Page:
Grover Norquist: Why ‘Repeal and Replace’ Is a Good Deal for Taxpayers
WHY YOU SHOULD CARE
Because Obamacare affected everyone.
First in a series of six essays on just what a Trump presidency will mean for America, by the founder and president of Americans for Tax Reform.
Among the central promises of then candidate Donald Trump’s campaign were, first, to reform and reduce federal taxation on individuals and businesses and, second, to repeal and replace Obamacare.
A “yuge” tax cut bringing corporate tax rates to 15 percent or 20 percent will be a major piece of his administration’s tax reform. But often overlooked is that merely repealing Obamacare will yield massive tax cuts of more than $1 trillion over the next decade. How so? Obamacare was paid for by 20 new taxes and tax increases borne heavily by middle-income Americans. Among them were:
1. A tax that punished anyone who refused to buy a government-designed insurance. It hit single Americans with a minimum tax of $695. A family of two adults and two children who didn’t buy the insurance, meanwhile, paid a tax of at least $2,085. The penalties were expected to cost citizens $43.3 billion between 2016 and 2025. For that money, they got nothing. It is designed to force citizens to buy into Obamacare.
Mind you, the Obama administration first claimed that this penalty was a mandate, not a tax — only to argue otherwise before the Supreme Court. Indeed, Chief Justice John Roberts ruled that it was indeed a tax to allow Obamacare to pass constitutional muster. Trump has already signed an executive order urging the Department of Health and Human Services to stop imposing this tax.
2. Limits on health savings accounts and flexible spending accounts. By ending your ability to purchase over-the-counter medicines using pretax dollars in HSAs and FSAs, Obamacare raised another $6.7 billion in taxes. It also imposed a $2,500 cap on the FSAs of 30 million to 35 million Americans. This tax increase costs $32 billion over 10 years.
3. Taxing private health insurance. Obamacare imposed a tax on your private health insurance, designed to net $130 billion between 2016 and 2025. Douglas Holtz-Eakin, a former member of the Council of Economic Advisers and former director of the Congressional Budget Office, estimated insurance premiums would increase by up to $5,000 over the decade.
4. Limits on deductions. Obamacare made it more difficult to deduct catastrophic medical costs for 11 million Americans. This income-tax hike costs $35.7 billion over a decade by increasing the threshold beyond which you can deduct extreme medical costs from the previous 7.5 percent to today’s 10 percent. The average household income of people hit with this tax? $53,000. This income-tax hike on the very sick and lower middle class will not be missed.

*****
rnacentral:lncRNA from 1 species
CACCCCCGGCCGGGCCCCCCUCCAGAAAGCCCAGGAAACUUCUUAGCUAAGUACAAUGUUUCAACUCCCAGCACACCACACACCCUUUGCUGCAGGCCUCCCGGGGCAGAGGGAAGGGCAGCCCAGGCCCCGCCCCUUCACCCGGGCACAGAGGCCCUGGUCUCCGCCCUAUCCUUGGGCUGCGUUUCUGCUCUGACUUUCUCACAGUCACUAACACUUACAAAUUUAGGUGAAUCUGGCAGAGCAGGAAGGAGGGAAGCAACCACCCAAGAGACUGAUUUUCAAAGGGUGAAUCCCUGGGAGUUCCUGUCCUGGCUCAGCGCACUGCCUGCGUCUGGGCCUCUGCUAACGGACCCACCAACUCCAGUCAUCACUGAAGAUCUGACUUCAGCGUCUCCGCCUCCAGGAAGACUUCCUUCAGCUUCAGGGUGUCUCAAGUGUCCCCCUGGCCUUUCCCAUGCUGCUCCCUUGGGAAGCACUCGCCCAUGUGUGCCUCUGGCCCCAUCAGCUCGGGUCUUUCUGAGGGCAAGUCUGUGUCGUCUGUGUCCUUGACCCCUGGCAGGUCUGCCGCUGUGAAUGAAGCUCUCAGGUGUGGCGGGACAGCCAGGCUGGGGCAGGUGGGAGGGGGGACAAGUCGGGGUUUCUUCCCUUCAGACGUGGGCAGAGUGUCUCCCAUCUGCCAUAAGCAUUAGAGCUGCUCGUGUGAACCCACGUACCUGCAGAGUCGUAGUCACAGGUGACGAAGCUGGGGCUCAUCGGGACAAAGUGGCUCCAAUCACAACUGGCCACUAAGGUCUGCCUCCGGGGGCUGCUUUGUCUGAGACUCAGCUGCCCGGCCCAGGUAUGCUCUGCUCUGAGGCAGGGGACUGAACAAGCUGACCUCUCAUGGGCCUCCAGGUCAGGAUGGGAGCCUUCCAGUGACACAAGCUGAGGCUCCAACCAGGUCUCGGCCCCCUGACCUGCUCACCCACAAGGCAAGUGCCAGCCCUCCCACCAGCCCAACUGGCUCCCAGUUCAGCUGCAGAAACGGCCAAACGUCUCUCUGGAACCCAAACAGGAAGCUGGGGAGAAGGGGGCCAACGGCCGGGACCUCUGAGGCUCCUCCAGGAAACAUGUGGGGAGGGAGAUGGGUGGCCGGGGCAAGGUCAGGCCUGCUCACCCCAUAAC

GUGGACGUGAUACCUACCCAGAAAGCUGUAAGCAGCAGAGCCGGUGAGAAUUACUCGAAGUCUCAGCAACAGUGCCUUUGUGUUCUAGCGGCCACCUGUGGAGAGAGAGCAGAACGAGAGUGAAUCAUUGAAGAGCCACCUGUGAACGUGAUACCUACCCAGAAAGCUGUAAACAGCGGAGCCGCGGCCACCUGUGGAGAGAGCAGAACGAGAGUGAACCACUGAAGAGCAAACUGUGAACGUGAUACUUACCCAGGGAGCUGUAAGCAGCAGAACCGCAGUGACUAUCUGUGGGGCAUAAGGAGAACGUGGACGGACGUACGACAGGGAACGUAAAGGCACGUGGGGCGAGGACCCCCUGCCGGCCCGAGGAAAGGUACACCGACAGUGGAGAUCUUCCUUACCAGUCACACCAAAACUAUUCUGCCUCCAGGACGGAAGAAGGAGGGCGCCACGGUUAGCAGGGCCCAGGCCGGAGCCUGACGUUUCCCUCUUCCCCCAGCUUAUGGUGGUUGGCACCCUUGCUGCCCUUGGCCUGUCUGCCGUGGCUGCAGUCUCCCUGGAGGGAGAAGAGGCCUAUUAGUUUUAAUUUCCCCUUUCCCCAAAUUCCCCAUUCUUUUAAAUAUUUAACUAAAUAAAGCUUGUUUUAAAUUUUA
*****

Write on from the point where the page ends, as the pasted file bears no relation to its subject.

5. The “Cadillac Tax.” It imposed a 40 percent tax on plans costing more than $10,200 for individuals or $27,000 for families. This tax was delayed until 2020 due to pressure from union leaders whose members tend to have such plans. Republicans plan at a minimum to cut it in half by imposing a cap on the deductibility of corporate sponsored health insurance (and the new corporate rate will be 20 percent).
6. Penalties on withdrawals from HSAs. Obamacare doubled the penalty on such withdrawals, from 10 percent to 20 percent. The increase would raise $100 million over 10 years.
7. Taxing indoor tanning. By levying a 10 percent tax on indoor tanning costs, Obamacare would cost consumers $800 million over 10 years. The left laughs about this tax, but it has wiped out thousands of tanning salons and affects 30 million American consumers. And more than half of tanning salon owners are women entrepreneurs. They are keenly aware of this Obamacare tax burden.
Expect Trump to highlight that the above taxes directly hit middle-income Americans, in violation of Barack Obama’s famous commitment repeated on Sept. 12, 2008, in Dover, New Hampshire: “I can make a firm pledge. Under my plan, no family making less than $250,000 a year will see any form of tax increase. Not your income tax. Not your payroll tax, not your capital gains taxes, not any of your taxes.”
Other tax hikes inside Obamacare are nominally on businesses or higher-income Americans. Slated for abolition are an employment mandate tax, which forces employers to pay $2,000 per full-time employee if they do not offer “qualifying” — as defined by the government — health coverage and at least one employee qualifies for a health care credit. This is a $166 billion tax hike over 10 years. There’s also the surtax on investment income of 3.8 percent for households earning more than $200,000 (singles) or $250,000 (couples). This tax drove the capital gains tax from 20 percent to 23.8 percent and would cost $222.8 billion over 10 years. A payroll tax hike on individuals making $200,000 or couples earning more than $250,000 was scheduled to cost Americans another $123 billion over 10 years. The 2.3 percent tax on medical devices hits firms whether they earn a profit or not. The cost, of course, goes straight to consumers, costing $20 billion over 10 years.
And what of the spending in Obamacare? All that money went somewhere.
Congress is expected to block-grant Medicare — just as Bill Clinton did with Aid to Families with Dependent Children (AFDC). This will give states much greater flexibility and, as with the AFDC reform, save both federal and state taxpayers a great deal of money while covering those truly in need.
High-risk pools will be subsidized by the national government so that those with expensive preexisting conditions can buy subsidized insurance and not have their costs paid by healthy purchasers of insurance. And tax credits will target those on the margin to allow them to buy health insurance.
These reforms to replace Obamacare are being debated right now in the House, Senate and White House. The death sentence for the tax increases has already been passed.